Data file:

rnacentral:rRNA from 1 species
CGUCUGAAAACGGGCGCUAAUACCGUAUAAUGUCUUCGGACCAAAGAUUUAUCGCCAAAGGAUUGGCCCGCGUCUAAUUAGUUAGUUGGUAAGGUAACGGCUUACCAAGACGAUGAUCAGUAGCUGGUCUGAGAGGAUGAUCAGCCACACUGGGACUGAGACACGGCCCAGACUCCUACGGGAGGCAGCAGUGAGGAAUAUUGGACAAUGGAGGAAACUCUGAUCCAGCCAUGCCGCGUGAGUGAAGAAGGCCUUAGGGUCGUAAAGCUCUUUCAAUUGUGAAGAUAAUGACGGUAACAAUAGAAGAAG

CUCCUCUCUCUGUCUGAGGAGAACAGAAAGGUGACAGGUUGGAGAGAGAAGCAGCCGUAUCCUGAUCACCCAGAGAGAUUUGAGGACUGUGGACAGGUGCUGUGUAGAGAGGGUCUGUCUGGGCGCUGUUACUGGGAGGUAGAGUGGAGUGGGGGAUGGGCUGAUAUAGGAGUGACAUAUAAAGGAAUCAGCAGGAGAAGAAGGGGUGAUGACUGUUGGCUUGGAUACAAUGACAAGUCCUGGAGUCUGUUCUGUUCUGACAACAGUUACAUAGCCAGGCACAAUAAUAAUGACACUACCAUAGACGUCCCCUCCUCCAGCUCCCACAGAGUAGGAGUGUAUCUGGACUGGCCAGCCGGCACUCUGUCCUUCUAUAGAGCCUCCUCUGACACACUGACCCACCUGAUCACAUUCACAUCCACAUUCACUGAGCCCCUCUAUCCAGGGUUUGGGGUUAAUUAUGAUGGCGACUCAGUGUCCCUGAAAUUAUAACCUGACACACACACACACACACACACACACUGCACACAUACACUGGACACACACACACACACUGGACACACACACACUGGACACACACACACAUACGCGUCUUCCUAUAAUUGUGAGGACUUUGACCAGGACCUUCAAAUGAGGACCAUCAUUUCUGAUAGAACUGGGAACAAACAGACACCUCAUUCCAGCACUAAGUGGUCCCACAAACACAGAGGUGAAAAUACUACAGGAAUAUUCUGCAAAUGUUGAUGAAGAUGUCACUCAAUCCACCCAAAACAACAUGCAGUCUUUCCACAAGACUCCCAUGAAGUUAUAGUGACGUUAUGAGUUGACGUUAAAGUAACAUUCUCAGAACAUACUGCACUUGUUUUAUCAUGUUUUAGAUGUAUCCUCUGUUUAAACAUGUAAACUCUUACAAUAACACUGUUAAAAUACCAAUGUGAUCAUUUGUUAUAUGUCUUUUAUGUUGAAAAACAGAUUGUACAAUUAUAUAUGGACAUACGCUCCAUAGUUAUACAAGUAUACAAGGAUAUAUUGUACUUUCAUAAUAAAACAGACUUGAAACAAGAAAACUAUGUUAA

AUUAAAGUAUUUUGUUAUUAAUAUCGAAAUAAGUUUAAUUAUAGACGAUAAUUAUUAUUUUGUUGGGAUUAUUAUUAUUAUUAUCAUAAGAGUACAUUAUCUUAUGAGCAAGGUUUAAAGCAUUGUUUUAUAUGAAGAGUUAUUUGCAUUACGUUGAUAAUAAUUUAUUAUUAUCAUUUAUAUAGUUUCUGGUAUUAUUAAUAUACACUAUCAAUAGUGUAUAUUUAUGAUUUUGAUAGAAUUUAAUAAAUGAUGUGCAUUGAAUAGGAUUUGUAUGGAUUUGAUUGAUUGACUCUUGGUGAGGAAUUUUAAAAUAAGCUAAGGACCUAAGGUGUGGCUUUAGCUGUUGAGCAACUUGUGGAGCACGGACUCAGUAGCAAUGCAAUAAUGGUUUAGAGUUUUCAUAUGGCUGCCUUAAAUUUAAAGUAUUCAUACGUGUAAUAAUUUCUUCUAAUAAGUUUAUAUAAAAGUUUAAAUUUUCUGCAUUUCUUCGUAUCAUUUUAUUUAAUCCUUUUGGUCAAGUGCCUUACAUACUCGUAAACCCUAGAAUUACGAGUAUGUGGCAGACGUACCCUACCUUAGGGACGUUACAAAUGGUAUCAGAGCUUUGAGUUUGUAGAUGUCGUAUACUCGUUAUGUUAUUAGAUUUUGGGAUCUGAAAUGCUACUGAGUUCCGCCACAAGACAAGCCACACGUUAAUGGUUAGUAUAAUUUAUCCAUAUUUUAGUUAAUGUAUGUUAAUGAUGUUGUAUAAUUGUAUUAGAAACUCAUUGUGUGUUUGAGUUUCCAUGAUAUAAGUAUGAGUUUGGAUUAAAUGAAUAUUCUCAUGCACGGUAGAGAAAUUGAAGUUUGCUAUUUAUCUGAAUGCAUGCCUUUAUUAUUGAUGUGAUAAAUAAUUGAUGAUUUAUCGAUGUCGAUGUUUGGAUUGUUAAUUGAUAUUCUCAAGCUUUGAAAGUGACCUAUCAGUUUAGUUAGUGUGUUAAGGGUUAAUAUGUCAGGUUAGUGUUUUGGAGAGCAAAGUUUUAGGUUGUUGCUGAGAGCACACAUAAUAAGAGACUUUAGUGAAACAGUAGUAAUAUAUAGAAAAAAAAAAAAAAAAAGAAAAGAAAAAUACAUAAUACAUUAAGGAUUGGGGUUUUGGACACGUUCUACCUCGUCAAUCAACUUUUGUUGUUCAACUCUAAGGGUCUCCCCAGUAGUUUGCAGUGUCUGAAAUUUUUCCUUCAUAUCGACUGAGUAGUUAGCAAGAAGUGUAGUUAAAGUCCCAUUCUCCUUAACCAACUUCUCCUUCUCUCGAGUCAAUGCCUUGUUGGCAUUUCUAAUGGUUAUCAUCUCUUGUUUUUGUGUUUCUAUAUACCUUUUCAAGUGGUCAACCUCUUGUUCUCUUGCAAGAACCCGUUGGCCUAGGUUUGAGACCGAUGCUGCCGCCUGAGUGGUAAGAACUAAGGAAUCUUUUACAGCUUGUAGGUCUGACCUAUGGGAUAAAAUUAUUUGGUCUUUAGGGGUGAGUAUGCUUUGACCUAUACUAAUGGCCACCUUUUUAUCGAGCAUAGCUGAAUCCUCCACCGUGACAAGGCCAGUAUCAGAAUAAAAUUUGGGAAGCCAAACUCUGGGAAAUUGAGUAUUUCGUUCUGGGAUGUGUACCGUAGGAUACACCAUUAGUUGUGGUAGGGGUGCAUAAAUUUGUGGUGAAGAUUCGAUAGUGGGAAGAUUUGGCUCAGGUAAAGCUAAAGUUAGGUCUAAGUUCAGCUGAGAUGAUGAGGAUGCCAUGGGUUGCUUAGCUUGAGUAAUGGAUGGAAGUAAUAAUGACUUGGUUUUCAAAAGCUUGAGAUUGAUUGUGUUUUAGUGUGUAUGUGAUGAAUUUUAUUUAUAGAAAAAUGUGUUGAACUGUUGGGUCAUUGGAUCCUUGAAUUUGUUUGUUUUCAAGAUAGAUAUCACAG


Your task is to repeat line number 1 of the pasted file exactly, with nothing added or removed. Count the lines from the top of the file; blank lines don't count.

rnacentral:rRNA from 1 species